Exploring Santa Clara/Rio Grande Pueblo Basketry and Touring Puye Cliffs

Field Trip

Friday, September 29, 2017, 10:00 am–5:00 pm, $250 per person (price includes a $50 tax-deductible donation to SAR)

Baskets made by Andrew HarvierBaskets made by Andrew HarvierBaskets made by Andrew Harvier

To register for this trip, click here. Limited to 26 people.

Study Leaders: Tony Chavarria, curator of ethnology, Museum of Indian Arts and Culture/Laboratory of Anthropology; Andrew Harvier, Northern Pueblo descent (Taos and Santa Clara Pueblos) and Tohono O’odham tribe, potter and basket weaver; and Judith Harvier, Northern Pueblo descent (Santa Clara, Pojoaque, and Tesuque Pueblos) and Navajo and Anglo descent, potter; at Puye Cliffs, we’ll be joined by a Santa Clara Pueblo guide.

Baskets are one of the oldest forms of storage and transportation of food and water. It is believed that basketry began in the Southwest about 1800 BCE by cultures believed to have been the ancestors of the Anasazi and Mogollon, whose descendents include the Akimel O’odham, Tohono O’odham, and Hopi tribes. The Apache and Diné (Navajo), who later settled in the Southwest, also became expert basket makers.

Today we will join Andrew and Judith Harvier in their home to explore the Rio Grande Pueblo basket making history and art form. Rio Grande Pueblo baskets are woven by men from red willow native to the Southwest. Andrew Harvier has been working with red willow to create traditional style baskets since 1974. Participants should expect to gain an understanding of the fundamentals of red willow basket weaving as a refined style of basketry. Both Andrew and Judith are multi-media artists.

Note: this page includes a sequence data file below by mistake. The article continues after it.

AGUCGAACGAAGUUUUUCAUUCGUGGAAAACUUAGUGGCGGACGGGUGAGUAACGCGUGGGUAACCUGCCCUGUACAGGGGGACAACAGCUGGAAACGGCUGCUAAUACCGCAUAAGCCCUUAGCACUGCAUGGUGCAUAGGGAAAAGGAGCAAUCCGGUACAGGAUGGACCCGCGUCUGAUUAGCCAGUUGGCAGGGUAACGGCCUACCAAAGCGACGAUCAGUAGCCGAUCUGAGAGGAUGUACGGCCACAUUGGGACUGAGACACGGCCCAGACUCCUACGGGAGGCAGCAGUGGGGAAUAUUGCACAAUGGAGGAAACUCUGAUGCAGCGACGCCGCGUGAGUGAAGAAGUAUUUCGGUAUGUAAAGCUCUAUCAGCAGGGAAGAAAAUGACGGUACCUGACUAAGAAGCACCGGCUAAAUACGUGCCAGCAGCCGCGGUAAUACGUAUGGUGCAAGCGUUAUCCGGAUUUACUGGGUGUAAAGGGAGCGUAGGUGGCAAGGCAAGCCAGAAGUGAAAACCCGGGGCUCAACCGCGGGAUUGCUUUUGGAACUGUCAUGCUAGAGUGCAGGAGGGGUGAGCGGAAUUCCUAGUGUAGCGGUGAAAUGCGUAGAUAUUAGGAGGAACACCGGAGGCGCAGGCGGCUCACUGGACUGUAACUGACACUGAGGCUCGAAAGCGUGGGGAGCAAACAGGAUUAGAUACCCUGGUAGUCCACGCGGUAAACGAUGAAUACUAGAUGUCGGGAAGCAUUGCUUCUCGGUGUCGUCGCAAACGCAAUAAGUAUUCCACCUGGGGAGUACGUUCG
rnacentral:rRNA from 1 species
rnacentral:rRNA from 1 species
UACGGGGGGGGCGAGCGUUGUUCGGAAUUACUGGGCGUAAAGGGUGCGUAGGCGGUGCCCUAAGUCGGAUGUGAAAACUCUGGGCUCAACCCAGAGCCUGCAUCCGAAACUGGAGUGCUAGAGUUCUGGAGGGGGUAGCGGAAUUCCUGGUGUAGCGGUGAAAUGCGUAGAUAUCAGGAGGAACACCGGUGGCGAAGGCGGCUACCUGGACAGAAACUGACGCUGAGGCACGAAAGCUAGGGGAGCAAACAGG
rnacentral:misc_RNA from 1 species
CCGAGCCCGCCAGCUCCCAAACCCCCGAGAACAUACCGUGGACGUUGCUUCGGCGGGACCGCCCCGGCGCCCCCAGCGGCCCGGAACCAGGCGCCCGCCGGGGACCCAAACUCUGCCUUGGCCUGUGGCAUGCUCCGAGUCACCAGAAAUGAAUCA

Andrew and Judith will join us on our tour of Puye Cliffs, which for more than three centuries (about 1250 to 1577 AD) was home to some 1,500 Pueblo Indians, and which has passed from generation to generation to the people of Santa Clara Pueblo, who are the descendants of the Puye. Carved out of a 200-foot-high cliff ridge formed from the Jemez Caldera volcano that erupted more than a million years ago, the cliff dwellings contain some 740 rooms. Archaeological evidence suggests additional dwellings were constructed at the base of the cliff.

Activity Level: Easy

Includes: Lunch (a Pueblo meal), transportation, guide, entry fees, gratuities, and water on the bus

Follow us: